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Sunday, December 23, 2012

The Orchard - Part 2

July  - October
Now that each apple tree was in, fertilized, and properly protected from pests...it was time to nurse them back to health.  They had been stuck in gallon containers for who knows how long and we wanted to make sure they could spread their roots before the cold weather hit.

With the deer fence (simple concrete mesh) and the rodent mesh (hardware cloth) around the trees we knew they wouldn't get picked on...but they need water everyday.

At first we were trucking up two 55 gallon drums of water from home, siphoning them into buckets and giving each tree about 7 - 8 gallons of water a day.  We slowly weened that back to one 55 gallon drum and 5 gallons of water, per tree, per day. 

We also put in posts to support each tree.  At first they were pressure treated posts - because they were free from a deck that a friend tore down.  Even though they were pretty old posts we decided to tear them out and put in cedar posts.  Not sure what we were thinking when we put them in but who wants chromated copper arsenate leaching into their apples.

As the summer led into fall we started gearing up for mulching around the trees.  We had watched the documentary Back to Eden (which you too can watch for free on their site).  We'd like to get more and more into natural ways for growing food as well as initiating permaculture techniques.  Part of this involves planting crops next to each other that are mutually beneficial.  We also want to try "no till" farming as much as possible.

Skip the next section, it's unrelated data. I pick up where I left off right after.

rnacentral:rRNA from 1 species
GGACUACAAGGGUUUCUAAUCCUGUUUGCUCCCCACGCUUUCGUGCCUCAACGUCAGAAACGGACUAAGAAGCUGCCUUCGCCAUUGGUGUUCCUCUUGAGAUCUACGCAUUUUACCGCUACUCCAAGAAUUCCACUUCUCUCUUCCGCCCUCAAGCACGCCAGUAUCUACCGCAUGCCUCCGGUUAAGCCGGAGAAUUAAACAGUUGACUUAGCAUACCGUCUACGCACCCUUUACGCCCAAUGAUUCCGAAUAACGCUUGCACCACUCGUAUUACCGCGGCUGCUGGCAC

We knew we had to kill the grass/hay around the trees and put down some organic matter to plant in.  Working at a hardware store provides me with tons of free cardboard.  We have a full dumpster of the stuff every week.  So I take my pick.  We also have a wood chipper at work...and we just happened to cut down 65 trees this summer.  So we planned to lay cardboard, chip the tree tops and lay it all around the trees.

Of course things don't always go as you plan.  The massive amount of cardboard I had scarfed didn't nearly go as far as I thought it would...and then to top it all off the chipper broke down.

But, the kids had a blast with the cardboard.

So, winter is coming and the orchard is far from mulched.  There is not enough cardboard, the chipper is down and out for quite a while, and the days are getting shorter  

Will our heroes finish the job before the snow flies?  Will they have a restful and peaceful winter knowing that the orchard has been put to bed and the ground is being prepared under a blanket of mulch and snow all winter long for the spring planting?
Part 3 Coming Soon

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